The US Federal Government has announced that immigrants of a nation, who cross other countries that are considered “Third Secure Country” on their way to the US, will not be eligible for asylum but will first be processed in those countries where they transit before they reach the southern border of the USA.
This opinion of the Trump Administration is known as the Interim Final Rule, issued jointly by the Departments of Justice and National Security, and has been published in the Federal Register and will be effective as of today, Tuesday, 16 July. This new rule is based on the Immigration and Nationality Law (I N A). The same rule not only applies to limit the eligibility of asylum, but also applies to minors who have crossed the southern border of the US without the company of an adult (parents).
It is important to note that most of the people affected by this recent ruling are Central Americans, as well as immigrants from African, Haitian, and Cuban countries who are trying to reach US territory along the southern border of Mexico.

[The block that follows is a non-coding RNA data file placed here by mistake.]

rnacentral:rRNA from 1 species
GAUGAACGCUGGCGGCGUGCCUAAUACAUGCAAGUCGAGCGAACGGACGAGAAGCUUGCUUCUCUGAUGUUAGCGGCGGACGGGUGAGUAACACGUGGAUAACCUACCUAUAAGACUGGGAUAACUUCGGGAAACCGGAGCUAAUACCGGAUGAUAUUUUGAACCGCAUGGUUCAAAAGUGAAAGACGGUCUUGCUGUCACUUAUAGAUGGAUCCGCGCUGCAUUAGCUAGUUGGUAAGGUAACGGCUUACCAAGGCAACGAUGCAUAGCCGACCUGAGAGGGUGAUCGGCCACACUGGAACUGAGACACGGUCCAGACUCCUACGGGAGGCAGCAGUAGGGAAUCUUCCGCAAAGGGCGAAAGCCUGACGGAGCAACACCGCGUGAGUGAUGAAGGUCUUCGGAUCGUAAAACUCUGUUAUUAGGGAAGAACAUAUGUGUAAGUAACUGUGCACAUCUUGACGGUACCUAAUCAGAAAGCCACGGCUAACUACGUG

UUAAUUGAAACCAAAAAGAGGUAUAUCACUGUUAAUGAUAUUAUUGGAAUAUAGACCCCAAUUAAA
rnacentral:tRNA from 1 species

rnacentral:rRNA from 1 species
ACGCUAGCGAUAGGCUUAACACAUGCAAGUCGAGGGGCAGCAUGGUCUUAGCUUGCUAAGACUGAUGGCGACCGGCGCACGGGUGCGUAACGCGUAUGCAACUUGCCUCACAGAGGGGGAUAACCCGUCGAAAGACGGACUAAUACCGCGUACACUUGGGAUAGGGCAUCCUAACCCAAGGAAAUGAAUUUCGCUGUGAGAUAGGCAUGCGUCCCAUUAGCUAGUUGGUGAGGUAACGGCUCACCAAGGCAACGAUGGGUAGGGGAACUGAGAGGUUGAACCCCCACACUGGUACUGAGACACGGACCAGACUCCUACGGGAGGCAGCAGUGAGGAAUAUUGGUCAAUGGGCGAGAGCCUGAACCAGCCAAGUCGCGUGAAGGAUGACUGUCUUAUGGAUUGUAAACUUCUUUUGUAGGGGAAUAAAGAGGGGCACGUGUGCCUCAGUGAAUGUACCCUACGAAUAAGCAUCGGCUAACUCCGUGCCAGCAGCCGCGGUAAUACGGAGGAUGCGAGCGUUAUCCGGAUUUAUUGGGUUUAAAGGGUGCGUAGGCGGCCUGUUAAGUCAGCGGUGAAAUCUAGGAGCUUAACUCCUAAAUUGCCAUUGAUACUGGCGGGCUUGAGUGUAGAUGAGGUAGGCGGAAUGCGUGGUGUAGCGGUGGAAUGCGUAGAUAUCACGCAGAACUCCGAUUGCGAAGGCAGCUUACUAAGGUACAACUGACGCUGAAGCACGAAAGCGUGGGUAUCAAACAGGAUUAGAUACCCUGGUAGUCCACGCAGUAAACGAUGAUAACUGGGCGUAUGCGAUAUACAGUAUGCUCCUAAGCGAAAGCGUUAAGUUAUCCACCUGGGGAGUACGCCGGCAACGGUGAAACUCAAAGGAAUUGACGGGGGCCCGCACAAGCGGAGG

It is good to point out that the federal law allows immigrants to apply for asylum upon arrival in the United States regardless of how they arrived or entered.
The only exception to this, namely not being considered for asylum, is for those who came through a country that is qualified as “safe”; but it must be clarified that the immigration laws that regulate asylum do not determine a country of insurance. The US has, so far, only come in agreement under this denomination with Canada alone.
Mexico and Central American countries have considered a regional pact on the matter but nothing has been materialized.
Likewise, it must be noted that the new measure that goes into effect today does not apply:
– If the immigrant shows that he has been a victim of human trafficking,
– If the country you went through does not have one of the international treaties that regulate the management of refugees,
– If your request for asylum was denied at least by one of the countries you have been transiting.
Finally, it is expected that organizations and activists in favor of immigration will file a lawsuit before the court to annul the new regulation that will begin to govern today.